FCCP participants also heard and discussed much new information about a precipitous drop-off in potential participation in the mid-term elections. Many voters who were energized by last year’s presidential elections are turned off, burnt out, or simply not motivated to vote in 2010. A similar civic burnout may also hamper participation in the dicennial census, due to kick off in March. Both of these events – elections and the census – have huge implications for communities across the nation – redistricting and reapportionment of Congressional seats, budget allocations according to population shifts, governor-ships, and the President’s policy agenda.
Just when I thought we might have a little respite, 2010 promises to be a tough year. Kudos to FCCP for yet another stellar meeting of the minds. These opportunities for funders synch up are always valuable and serve our individual and collective work well.
I also had the great pleasure of attending the “Transformational Leadership Retreat” sponsored by the Open Society Institute and the Knight Foundation in Miami. Organized by and for OSI’s Campaign for Black Male Achievement grant recipient organizations, this three-day convening provided a forum for networking, reflecting, and most importantly, galvanizing around a common agenda for promoting efficient and effective work with black men and boys in programs throughout the nation.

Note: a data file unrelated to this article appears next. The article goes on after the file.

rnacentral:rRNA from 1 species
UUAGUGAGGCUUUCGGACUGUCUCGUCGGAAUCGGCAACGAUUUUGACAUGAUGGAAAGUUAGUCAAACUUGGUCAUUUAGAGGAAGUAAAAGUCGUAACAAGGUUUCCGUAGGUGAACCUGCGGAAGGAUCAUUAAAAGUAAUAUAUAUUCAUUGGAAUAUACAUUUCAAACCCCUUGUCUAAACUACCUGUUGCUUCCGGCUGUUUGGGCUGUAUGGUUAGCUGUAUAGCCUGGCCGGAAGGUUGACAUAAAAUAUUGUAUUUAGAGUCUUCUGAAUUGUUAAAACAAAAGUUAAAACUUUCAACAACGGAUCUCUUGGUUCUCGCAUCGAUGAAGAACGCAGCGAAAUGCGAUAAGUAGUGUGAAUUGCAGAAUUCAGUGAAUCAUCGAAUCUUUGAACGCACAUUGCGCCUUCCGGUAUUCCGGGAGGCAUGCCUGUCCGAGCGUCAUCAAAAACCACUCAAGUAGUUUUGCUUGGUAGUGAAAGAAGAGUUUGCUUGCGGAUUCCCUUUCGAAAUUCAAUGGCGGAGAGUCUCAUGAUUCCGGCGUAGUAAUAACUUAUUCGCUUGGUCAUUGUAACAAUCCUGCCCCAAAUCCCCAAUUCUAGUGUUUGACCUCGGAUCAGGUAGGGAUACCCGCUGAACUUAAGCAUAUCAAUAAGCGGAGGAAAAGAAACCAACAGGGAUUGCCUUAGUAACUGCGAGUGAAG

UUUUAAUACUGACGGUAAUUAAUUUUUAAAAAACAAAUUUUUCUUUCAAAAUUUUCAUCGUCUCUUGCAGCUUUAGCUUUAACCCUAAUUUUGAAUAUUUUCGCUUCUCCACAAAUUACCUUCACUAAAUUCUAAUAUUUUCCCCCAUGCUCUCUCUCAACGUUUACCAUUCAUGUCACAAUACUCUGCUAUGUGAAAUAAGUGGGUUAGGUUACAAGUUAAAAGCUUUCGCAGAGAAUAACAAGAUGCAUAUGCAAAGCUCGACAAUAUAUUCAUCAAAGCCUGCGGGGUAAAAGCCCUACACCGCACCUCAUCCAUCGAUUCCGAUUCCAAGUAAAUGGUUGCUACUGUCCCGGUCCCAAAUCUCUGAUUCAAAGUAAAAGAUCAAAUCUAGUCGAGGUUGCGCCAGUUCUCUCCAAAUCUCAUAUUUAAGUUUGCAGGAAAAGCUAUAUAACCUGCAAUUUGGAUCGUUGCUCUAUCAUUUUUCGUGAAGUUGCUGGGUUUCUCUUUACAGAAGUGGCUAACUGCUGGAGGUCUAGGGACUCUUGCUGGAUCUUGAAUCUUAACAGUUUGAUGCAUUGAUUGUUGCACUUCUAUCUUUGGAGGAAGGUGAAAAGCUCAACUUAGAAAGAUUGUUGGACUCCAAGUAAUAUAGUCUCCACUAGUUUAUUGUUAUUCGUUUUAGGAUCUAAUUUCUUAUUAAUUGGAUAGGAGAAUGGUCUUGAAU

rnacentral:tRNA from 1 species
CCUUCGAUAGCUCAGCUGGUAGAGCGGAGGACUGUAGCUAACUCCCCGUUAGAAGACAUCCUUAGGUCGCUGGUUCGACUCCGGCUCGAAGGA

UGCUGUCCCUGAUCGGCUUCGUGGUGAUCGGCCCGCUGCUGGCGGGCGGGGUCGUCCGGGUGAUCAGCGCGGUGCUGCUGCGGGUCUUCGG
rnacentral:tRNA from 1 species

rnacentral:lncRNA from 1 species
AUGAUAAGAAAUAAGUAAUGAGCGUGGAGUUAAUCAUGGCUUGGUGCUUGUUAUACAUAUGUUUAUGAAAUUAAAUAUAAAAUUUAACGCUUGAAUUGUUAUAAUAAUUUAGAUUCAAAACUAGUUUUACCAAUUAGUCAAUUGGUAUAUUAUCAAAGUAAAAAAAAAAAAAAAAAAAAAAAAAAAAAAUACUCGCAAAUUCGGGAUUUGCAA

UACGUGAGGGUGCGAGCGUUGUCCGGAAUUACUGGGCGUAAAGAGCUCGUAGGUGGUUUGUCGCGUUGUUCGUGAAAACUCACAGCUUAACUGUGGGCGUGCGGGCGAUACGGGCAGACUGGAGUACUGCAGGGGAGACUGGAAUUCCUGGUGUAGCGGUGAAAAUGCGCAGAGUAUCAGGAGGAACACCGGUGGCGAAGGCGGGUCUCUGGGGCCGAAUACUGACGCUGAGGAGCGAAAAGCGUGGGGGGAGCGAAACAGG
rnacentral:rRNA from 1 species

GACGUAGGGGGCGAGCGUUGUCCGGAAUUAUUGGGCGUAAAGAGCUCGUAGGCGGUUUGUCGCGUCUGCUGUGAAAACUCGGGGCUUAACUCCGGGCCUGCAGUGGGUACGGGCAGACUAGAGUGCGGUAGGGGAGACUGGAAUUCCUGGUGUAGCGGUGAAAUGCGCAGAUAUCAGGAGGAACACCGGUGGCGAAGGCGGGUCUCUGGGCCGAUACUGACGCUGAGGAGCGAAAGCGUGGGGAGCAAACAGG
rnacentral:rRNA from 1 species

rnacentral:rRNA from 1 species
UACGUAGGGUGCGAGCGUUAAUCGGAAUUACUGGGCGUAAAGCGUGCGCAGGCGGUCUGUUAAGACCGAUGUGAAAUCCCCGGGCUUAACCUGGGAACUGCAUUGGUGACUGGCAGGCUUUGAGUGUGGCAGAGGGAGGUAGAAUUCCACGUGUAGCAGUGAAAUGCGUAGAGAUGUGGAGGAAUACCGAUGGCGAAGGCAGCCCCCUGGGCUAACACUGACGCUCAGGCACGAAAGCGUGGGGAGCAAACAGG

After dodging a contamination scare, and without betraying any confidences from the conversation circle, I found it liberating to finally break the unspoken tension around the role of gender equity and inclusion in this work – namely, how do we appropriately and respectfully include women in this male-focused work? While we collectively recognize the importance of focusing on this very “endangered” demographic group, we also need to develop an appropriate gender lens – what do we mean, exactly, when we talk about “manhood”?
While the discussion was impassioned and even tense, it was a very necessary bridge to cross as we try to work together as a community to ensure better pathways and futures for young black men and their families, neigbhorhoods, and greater communities.
All in all, the trip was simultaneously terrific and sobering. And I got to wear shorts and a pea coat in the same week.
Last year the push was for voter education and registration; this year we’re focusing on ensuring that people know about Census 2010! The Census is a critically important occurrence – its data is used to reapportion Congressional seats and to distribute over $400 billion in federal funds, among other things.